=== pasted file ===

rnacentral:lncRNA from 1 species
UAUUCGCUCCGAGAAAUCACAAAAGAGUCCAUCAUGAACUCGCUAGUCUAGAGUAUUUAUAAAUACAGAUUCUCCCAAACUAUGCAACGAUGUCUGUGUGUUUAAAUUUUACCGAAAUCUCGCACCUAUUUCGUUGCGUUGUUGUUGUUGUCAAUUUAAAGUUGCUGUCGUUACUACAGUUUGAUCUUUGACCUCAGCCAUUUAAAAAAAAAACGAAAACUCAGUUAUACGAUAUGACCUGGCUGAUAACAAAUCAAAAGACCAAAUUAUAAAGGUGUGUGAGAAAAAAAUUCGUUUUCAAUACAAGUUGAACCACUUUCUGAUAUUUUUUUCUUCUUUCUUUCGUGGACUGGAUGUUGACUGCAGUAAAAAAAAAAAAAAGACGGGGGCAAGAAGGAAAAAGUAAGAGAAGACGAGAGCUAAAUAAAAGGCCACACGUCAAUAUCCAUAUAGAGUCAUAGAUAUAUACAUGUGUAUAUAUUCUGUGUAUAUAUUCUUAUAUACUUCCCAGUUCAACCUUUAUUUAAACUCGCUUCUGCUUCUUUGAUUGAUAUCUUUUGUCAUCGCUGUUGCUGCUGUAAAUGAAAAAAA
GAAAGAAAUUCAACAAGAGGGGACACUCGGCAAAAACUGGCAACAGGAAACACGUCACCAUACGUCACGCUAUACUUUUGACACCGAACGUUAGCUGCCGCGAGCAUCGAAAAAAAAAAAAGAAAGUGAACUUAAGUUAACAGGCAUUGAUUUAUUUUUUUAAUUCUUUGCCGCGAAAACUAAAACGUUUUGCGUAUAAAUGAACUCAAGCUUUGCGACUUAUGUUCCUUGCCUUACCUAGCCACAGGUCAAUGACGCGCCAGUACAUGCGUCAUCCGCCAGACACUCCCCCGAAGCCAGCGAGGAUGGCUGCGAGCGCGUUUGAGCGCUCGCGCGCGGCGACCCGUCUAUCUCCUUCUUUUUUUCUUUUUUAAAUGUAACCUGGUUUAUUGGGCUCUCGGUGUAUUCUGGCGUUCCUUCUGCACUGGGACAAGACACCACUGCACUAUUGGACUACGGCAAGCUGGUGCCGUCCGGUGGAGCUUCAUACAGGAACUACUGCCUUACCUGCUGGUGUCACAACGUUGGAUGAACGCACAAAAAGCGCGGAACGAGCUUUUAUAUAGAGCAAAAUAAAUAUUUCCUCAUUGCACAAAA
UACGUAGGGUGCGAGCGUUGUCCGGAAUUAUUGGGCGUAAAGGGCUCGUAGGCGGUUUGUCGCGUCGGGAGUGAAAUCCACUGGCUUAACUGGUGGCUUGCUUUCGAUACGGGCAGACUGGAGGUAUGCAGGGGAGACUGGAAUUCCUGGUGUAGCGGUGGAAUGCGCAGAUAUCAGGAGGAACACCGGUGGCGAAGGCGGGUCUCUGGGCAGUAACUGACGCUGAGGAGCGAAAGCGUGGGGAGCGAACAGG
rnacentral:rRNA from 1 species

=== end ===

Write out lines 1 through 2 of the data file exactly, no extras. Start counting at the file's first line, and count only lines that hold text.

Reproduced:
rnacentral:lncRNA from 1 species
UAUUCGCUCCGAGAAAUCACAAAAGAGUCCAUCAUGAACUCGCUAGUCUAGAGUAUUUAUAAAUACAGAUUCUCCCAAACUAUGCAACGAUGUCUGUGUGUUUAAAUUUUACCGAAAUCUCGCACCUAUUUCGUUGCGUUGUUGUUGUUGUCAAUUUAAAGUUGCUGUCGUUACUACAGUUUGAUCUUUGACCUCAGCCAUUUAAAAAAAAAACGAAAACUCAGUUAUACGAUAUGACCUGGCUGAUAACAAAUCAAAAGACCAAAUUAUAAAGGUGUGUGAGAAAAAAAUUCGUUUUCAAUACAAGUUGAACCACUUUCUGAUAUUUUUUUCUUCUUUCUUUCGUGGACUGGAUGUUGACUGCAGUAAAAAAAAAAAAAAGACGGGGGCAAGAAGGAAAAAGUAAGAGAAGACGAGAGCUAAAUAAAAGGCCACACGUCAAUAUCCAUAUAGAGUCAUAGAUAUAUACAUGUGUAUAUAUUCUGUGUAUAUAUUCUUAUAUACUUCCCAGUUCAACCUUUAUUUAAACUCGCUUCUGCUUCUUUGAUUGAUAUCUUUUGUCAUCGCUGUUGCUGCUGUAAAUGAAAAAAA